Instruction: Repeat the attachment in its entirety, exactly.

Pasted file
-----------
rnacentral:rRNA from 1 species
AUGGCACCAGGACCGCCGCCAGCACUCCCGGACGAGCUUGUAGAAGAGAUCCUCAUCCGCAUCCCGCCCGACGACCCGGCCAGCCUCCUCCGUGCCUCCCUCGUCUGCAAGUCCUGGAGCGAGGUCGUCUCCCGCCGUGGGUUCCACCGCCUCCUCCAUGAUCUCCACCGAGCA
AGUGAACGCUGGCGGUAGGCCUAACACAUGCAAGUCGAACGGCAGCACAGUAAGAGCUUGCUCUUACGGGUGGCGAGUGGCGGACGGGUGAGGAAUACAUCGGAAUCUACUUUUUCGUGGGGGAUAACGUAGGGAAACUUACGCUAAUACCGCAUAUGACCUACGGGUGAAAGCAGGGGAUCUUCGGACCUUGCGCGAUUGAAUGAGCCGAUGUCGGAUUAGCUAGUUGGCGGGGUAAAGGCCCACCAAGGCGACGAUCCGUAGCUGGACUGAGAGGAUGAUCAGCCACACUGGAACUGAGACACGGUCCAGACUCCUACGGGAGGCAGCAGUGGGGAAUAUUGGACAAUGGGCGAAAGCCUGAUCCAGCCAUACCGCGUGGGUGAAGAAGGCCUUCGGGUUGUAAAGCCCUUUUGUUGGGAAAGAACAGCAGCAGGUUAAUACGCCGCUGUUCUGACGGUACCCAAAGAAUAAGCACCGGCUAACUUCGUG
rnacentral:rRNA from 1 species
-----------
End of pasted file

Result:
rnacentral:rRNA from 1 species
AUGGCACCAGGACCGCCGCCAGCACUCCCGGACGAGCUUGUAGAAGAGAUCCUCAUCCGCAUCCCGCCCGACGACCCGGCCAGCCUCCUCCGUGCCUCCCUCGUCUGCAAGUCCUGGAGCGAGGUCGUCUCCCGCCGUGGGUUCCACCGCCUCCUCCAUGAUCUCCACCGAGCA
AGUGAACGCUGGCGGUAGGCCUAACACAUGCAAGUCGAACGGCAGCACAGUAAGAGCUUGCUCUUACGGGUGGCGAGUGGCGGACGGGUGAGGAAUACAUCGGAAUCUACUUUUUCGUGGGGGAUAACGUAGGGAAACUUACGCUAAUACCGCAUAUGACCUACGGGUGAAAGCAGGGGAUCUUCGGACCUUGCGCGAUUGAAUGAGCCGAUGUCGGAUUAGCUAGUUGGCGGGGUAAAGGCCCACCAAGGCGACGAUCCGUAGCUGGACUGAGAGGAUGAUCAGCCACACUGGAACUGAGACACGGUCCAGACUCCUACGGGAGGCAGCAGUGGGGAAUAUUGGACAAUGGGCGAAAGCCUGAUCCAGCCAUACCGCGUGGGUGAAGAAGGCCUUCGGGUUGUAAAGCCCUUUUGUUGGGAAAGAACAGCAGCAGGUUAAUACGCCGCUGUUCUGACGGUACCCAAAGAAUAAGCACCGGCUAACUUCGUG
rnacentral:rRNA from 1 species